Housing utility rates are going up but the quality of service is not getting any better

29 august 2016 | OTR

Analytical Center expert Dmitry Khomchenko talked about whether housing utility rates should be pegged to the quality of service in an interview for OTR.

Dmitry Khomchenko
Dmitry Khomchenko
Department for Sectors of Economy

“For the first time we have a national regulator ordering that consumers be put at the center of rate regulation,” Mr. Khomchenko said commenting on the FAS’s initiative. “After all the reason we regulate utility rates is not to ensure that utility companies turn a profit to allow them to renovate the infrastructure, replace pipes, develop the heating business but to offer quality services to customers.” And customers in this context are not just individuals but also businesses that buy thermal energy, water, electricity for their production purposes. “The goal is to overhaul the rate regulation system in such a way as to put the consumer at the center of it. And we are seeing this objective being formulated at the federal level in no uncertain terms for the first time,” the expert stressed.

Mr. Khomchenko noted the limited maximum indexes that define the maximum total utility bill that an individual can get. “We have got 5 utility services: water supply, sewage removal, heating, electricity, natural gas, and recently we have also got solid waste removal. And when we look at the numbers of a utility bill we have to understand that what we are seeing are the maximum indexes set for specific Russian regions and specific municipalities,” Mr. Khomchenko said. In 2016, the total utility bill paid by individuals went up by 4%. By amending the law, the FAS wants to obligate Russian provinces, local government authorities and regulated companies to report on the measures that were put in place after the rates were raised and on the improvements in the customer service that the increased rates resulted in. “If consumers are getting any benefits in the form of better and more reliable service, then there are grounds for the increase in rates and the utility companies may proceed as planned,” Mr. Khomchenko believes. “However, if increased rates do not translate into real benefits for the consumer, the maximum rate index can be limited.”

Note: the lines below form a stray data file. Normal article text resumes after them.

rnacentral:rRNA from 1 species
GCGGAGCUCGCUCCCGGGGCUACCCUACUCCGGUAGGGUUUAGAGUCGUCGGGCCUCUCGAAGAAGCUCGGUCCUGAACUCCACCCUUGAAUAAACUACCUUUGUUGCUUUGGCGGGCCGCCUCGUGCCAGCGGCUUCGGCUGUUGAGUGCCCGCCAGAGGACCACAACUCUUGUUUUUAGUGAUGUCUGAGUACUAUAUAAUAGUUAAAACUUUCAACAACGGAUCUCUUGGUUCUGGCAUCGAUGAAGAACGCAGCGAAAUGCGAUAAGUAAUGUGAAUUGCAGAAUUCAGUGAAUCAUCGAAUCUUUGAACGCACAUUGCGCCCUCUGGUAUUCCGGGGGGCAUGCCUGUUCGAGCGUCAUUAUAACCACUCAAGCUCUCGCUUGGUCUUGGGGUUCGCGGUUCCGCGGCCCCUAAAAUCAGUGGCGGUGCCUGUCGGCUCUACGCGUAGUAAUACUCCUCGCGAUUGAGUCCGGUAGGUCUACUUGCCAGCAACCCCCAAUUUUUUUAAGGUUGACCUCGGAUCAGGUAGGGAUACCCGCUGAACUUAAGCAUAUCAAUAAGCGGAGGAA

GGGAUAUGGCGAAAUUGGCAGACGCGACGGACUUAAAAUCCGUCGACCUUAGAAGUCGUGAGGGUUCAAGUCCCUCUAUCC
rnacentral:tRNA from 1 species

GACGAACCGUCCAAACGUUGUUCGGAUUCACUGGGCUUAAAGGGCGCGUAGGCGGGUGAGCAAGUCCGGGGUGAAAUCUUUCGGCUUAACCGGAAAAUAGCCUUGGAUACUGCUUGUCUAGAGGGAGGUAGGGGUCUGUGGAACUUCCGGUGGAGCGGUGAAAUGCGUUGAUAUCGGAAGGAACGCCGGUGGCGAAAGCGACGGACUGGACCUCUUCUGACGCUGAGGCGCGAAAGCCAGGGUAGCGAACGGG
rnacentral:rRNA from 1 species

The expert also noted that different approaches should be used when dealing with utility companies that sell services to end consumers as opposed to companies that produce the primary resources. “If people are complaining about water supply interruptions, the rates increase, but there are still problems with water supply then there are no grounds for the higher rates. However, if a utility company says they are going to increase their rates in order to improve quality and reliability, then they should be able to do that,” Mr. Khomchenko explained.

The expert believes the main problem is that today utility rates are going up but the quality of service is not improving. As a result, we are caught in a vicious circle: low rates mean there is no money for improvement, the quality deteriorates and the people are unhappy. And this situation recurs year in and year out, keeping the industry from developing. There are also problems with spending even the limited funds that the industry does get: they are being spent suboptimally, Mr. Khomchenko believes.

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